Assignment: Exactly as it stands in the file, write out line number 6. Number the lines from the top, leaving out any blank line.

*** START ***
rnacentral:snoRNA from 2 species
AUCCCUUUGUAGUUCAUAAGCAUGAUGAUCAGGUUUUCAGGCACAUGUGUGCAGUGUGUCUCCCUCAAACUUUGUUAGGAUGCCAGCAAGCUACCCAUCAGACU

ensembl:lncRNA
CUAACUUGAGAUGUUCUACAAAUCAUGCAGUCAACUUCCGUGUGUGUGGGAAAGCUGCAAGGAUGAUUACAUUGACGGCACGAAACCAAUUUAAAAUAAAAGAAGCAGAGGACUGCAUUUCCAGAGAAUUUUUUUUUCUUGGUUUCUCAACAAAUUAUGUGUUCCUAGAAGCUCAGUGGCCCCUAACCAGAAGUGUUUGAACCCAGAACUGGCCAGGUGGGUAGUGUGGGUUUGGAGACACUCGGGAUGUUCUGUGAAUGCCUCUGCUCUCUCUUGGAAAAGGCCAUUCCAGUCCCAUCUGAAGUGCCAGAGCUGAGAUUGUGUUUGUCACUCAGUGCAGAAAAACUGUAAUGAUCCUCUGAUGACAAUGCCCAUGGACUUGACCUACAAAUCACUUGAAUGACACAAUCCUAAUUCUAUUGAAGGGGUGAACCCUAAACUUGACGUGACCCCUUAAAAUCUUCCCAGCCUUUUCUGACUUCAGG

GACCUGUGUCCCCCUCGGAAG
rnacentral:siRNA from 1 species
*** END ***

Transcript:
rnacentral:siRNA from 1 species